The lead instructor asked for some basic information: name, home base, how long have you been paddling? As I listened to the students give their responses I realized that “how long have you been paddling?” is separate from “how long have you been training?” And so I asked the students to add that bit of information.
As nearly every student said they had been training twice or three times as long as I have, I realized I had another question: what is training? What does that word mean?
the action of teaching a person or animal a particular skill or type of behavior.
the action of undertaking a course of exercise and diet in preparation for a sporting event.
When I decided I wanted to surf, I started training. I set goals, sought out workshops, and found coaches who could assist me in traveling along that trajectory. This is training: goal oriented, objective driven, work.
So then, why is it that my friends seem to do so much “training,” and yet don’t show much improvement? One reason: the training they’ve signed up for more precisely falls in the “trip” category. New experiences may be found. Some instruction may be given. They may learn a thing or two while on these trips, but no actual training is happening. There is certainly a place for these trips. I enjoy taking these trips myself. But they aren’t training.
Life on the Edge, a challenging class taught by the excellent Tom Noffsinger, is a very good example of training. Here he teaches the student a number of exercises that can be used to hone one’s boat control skills. The class is informative, entertaining, and engaging. But the class alone won’t improve a student’s skills. The second part of training is what is required after the class: practice.
What is practice?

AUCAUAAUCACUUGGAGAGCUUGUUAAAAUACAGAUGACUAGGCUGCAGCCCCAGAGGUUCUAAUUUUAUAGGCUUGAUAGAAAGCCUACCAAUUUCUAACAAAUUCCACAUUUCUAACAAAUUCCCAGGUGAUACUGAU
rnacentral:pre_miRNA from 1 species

2. repeated exercise in or performance of an activity or skill so as to acquire or maintain proficiency in it.
"it must have taken a lot of practice to become so fluent"
training, rehearsal, repetition, preparation;
It is a repetitive action that aims to improve performance of a certain task. For example: “let’s go roll.” Rob and I drop in at the local launch. We don’t paddle anywhere. We get far enough away from the ramp that we won’t get run over, or tangled in weeds, and we roll. Just roll. Maybe, if we blow a roll, we do a bow rescue. Maybe we cowboy. But we spend 1.5 hours rolling. Is it fun? Maybe, maybe not. We do it for the sake of improving form and condition. Practice, training.
If I say I’m going to practice I don’t drop in and then paddle away, distracted by birds or conversation. Indeed, the best practice may be a solitary pursuit; perhaps one other person, but maybe not a group.
I have a friend who sometimes shows up when we are planning to practice. He doesn’t want to work on edging and pivot turns for two hours. He insists we paddle “over there,” just the opposite of practice. Paddling somewhere will not lead to improvement, unless it’s focused on endurance, form, or speed, that is.
Tip: if you are paddling somewhere and you can easily carry on a conversation, you are not training. You are touring. Now, touring is just fine for touring’s sake. But don’t lie to yourself about touring. The clear benefits of being outdoors, having a peaceful mind, etc, are what makes touring wonderful for us. Touring is not training, however.
There is certainly a place for every paddler. The sightseer, the birder, the social paddler, all have a place on the water and are very welcome to their version of messing about in boats. I certainly don’t want to leave anyone with the impression that I think those things are not valuable, and worthwhile.
In conclusion, if you want to be the best you can be, you need to pursue training: take the classes and practice. There is no shortcut.